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    ABSTRACT: Background and purpose — It is still being debated whether HA coating of uncemented stems used in total hip arthroplasty (THA) improves implant survival. We therefore investigated different uncemented stem brands, with and without HA coating, regarding early and long-term survival. Patients and methods — We identified 152,410 THA procedures using uncemented stems that were performed between 1995 and 2011 and registered in the Nordic Arthroplasty Register Association (NARA) database. We excluded 19,446 procedures that used stem brands less than 500 times in each country, procedures performed due to diagnoses other than osteoarthritis or pediatric hip disease, and procedures with missing information on the type of coating. 22 stem brands remained (which were used in 116,069 procedures) for analysis of revision of any component. 79,192 procedures from Denmark, Norway, and Sweden were analyzed for the endpoint stem revision. Unadjusted survival rates were calculated according to Kaplan-Meier, and Cox proportional hazards models were fitted in order to calculate hazard ratios (HRs) for the risk of revision with 95% confidence intervals (CIs). Results — Unadjusted 10-year survival with the endpoint revision of any component for any reason was 92.1% (CI: 91.8–92.4). Unadjusted 10-year survival with the endpoint stem revision due to aseptic loosening varied between the stem brands investigated and ranged from 96.7% (CI: 94.4–99.0) to 99.9% (CI: 99.6–100). Of the stem brands with the best survival, stems with and without HA coating were found. The presence of HA coating was not associated with statistically significant effects on the adjusted risk of stem revision due to aseptic loosening, with an HR of 0.8 (CI: 0.5–1.3; p = 0.4). The adjusted risk of revision due to infection was similar in the groups of THAs using HA-coated and non-HA-coated stems, with an HR of 0.9 (CI: 0.8–1.1; p = 0.6) for the presence of HA coating. The commonly used Bimetric stem (n = 25,329) was available both with and without HA coating, and the adjusted risk of stem revision due to aseptic loosening was similar for the 2 variants, with an HR of 0.9 (CI: 0.5–1.4; p = 0.5) for the HA-coated Bimetric stem. Interpretation — Uncemented HA-coated stems had similar results to those of uncemented stems with porous coating or rough sand-blasted stems. The use of HA coating on stems available both with and without this surface treatment had no clinically relevant effect on their outcome, and we thus question whether HA coating adds any value to well-functioning stem designs.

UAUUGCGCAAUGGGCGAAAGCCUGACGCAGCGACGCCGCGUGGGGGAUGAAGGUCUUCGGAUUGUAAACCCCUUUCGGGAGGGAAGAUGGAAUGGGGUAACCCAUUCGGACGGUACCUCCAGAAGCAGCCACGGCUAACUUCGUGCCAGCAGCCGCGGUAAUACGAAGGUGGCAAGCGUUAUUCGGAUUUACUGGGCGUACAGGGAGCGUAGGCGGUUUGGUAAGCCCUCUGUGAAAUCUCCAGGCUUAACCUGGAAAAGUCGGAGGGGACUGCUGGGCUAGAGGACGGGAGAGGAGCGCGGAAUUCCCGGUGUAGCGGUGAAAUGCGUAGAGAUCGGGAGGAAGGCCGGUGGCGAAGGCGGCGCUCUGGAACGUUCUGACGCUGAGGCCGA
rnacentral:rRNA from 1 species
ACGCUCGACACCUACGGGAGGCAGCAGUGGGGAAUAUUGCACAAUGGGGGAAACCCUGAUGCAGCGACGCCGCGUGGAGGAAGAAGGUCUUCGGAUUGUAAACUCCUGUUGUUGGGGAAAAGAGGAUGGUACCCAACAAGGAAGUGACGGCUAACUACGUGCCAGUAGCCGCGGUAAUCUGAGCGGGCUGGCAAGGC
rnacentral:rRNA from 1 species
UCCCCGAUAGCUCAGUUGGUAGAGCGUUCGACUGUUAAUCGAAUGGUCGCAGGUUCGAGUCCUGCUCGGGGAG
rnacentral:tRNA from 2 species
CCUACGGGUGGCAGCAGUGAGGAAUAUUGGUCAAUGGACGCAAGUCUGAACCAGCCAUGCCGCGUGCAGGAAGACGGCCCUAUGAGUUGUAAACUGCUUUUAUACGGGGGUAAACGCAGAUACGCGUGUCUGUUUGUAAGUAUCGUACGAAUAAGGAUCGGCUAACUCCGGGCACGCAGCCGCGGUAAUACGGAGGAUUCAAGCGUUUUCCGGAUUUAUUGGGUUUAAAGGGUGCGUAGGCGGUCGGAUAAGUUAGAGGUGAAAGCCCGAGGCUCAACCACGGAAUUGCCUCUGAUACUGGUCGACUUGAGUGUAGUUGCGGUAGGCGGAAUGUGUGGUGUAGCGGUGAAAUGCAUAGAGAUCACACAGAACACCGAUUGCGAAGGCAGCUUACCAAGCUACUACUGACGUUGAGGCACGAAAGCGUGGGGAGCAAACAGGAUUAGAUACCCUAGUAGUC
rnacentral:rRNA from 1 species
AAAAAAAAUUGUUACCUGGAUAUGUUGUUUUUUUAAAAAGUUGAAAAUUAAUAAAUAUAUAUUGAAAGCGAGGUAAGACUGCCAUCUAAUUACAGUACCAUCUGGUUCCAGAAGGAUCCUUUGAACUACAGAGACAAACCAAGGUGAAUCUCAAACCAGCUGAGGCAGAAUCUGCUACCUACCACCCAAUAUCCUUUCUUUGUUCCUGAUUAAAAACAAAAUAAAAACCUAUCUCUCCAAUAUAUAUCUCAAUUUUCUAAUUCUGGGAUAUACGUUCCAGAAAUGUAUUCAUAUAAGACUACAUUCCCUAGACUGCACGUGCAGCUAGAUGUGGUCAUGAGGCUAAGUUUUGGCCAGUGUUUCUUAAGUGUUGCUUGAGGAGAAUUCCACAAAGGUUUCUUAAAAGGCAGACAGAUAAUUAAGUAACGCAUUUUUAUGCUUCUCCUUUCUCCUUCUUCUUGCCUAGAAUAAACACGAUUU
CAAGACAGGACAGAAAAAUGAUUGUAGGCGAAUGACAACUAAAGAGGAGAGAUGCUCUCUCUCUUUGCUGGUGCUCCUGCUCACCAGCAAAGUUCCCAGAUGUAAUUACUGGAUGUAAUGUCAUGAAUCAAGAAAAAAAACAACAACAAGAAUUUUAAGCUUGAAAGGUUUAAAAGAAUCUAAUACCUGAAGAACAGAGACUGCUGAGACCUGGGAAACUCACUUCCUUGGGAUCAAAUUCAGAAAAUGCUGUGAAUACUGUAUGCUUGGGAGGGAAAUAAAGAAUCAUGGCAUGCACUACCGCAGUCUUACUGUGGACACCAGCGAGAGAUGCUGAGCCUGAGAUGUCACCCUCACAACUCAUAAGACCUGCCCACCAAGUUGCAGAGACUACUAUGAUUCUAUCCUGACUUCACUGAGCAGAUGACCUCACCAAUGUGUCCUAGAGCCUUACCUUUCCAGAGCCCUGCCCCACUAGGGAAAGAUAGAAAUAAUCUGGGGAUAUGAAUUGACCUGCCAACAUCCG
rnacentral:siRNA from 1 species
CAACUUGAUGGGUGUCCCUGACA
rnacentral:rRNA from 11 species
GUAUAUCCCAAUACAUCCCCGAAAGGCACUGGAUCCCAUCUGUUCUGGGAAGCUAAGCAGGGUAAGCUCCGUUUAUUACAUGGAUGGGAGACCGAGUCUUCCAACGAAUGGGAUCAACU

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    • "In addition, AAHKS has emphasized the importance of a nutritional evaluation prior to surgery2). Regarding diabetes, a large Finnish study corroborated its relevance as a strong risk factor for infections3). Although Hemoglobin A1C has been used to evaluate arthroplasty patients, a recent publication from Iorio et al.4) showed that it is probably a suboptimal preoperative measurement due to its inability to prognosticate complications. "